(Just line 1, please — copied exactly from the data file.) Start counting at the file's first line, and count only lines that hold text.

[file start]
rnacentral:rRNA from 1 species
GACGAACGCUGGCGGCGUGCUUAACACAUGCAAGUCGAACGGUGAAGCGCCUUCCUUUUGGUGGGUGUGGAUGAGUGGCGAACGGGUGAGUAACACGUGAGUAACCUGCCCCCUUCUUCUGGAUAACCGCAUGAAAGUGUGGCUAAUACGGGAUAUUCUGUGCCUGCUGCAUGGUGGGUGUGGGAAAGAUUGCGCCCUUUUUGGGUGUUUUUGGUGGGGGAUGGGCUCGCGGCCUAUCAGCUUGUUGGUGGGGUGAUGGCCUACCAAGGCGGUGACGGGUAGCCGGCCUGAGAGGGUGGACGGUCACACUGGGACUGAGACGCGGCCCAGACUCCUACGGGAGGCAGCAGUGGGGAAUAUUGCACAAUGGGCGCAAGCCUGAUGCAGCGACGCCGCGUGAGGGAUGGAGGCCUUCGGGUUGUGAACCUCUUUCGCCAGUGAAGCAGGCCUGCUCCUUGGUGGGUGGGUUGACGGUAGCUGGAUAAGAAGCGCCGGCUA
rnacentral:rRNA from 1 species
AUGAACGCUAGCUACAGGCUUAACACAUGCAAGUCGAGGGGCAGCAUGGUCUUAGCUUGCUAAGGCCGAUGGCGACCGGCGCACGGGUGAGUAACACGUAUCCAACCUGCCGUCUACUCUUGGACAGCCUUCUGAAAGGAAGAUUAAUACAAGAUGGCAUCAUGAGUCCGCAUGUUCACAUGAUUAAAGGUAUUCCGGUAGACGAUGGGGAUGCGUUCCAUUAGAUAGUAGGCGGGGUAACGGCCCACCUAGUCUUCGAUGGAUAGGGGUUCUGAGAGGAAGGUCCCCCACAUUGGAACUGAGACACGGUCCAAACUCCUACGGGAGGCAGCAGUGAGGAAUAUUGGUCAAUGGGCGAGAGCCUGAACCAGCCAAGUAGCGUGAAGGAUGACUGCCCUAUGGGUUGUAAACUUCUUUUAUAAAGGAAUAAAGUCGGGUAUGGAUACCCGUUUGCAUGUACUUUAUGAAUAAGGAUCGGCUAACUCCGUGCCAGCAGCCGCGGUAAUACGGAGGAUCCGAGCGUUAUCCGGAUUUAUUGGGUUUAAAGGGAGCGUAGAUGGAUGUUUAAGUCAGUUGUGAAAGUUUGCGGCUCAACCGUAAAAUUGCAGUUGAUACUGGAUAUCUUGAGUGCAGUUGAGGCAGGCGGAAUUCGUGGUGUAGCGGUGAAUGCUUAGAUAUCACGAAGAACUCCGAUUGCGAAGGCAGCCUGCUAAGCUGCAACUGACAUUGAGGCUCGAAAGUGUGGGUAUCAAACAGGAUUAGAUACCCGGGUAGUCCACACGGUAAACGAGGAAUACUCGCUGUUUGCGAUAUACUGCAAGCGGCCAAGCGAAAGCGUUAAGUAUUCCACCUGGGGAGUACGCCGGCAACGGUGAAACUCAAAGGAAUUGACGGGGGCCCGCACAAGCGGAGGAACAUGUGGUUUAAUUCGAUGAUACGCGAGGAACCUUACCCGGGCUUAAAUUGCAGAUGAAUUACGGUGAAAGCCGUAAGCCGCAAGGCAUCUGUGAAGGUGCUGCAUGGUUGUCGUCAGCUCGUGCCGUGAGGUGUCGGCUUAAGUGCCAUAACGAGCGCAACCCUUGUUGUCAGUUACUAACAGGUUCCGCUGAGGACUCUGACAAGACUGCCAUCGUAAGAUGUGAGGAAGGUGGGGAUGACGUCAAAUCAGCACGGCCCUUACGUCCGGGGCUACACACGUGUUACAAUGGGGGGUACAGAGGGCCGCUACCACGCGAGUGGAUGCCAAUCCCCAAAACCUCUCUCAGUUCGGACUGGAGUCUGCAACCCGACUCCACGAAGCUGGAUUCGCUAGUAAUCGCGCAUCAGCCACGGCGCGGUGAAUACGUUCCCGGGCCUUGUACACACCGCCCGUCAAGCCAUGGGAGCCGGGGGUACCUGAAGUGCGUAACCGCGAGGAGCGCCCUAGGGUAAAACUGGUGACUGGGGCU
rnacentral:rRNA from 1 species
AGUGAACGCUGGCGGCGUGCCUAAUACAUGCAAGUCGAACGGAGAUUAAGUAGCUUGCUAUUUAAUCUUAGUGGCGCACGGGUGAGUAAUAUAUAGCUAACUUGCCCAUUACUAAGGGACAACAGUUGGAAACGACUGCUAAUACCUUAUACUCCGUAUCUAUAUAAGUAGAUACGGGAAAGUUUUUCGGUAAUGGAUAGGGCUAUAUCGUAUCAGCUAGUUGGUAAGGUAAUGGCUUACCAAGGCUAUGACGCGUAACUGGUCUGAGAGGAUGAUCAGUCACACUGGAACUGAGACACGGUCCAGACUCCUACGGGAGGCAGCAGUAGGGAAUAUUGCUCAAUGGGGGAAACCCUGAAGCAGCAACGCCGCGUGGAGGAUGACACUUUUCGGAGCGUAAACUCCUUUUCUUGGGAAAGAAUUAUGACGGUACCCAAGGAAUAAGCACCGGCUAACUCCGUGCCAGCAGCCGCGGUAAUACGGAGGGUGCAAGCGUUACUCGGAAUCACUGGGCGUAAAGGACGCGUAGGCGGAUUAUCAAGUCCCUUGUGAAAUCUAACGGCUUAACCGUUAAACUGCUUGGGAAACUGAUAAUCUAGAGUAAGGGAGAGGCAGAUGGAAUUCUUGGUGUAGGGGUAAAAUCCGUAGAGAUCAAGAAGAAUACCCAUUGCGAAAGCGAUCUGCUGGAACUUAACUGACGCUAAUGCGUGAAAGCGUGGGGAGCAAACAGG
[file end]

rnacentral:rRNA from 1 species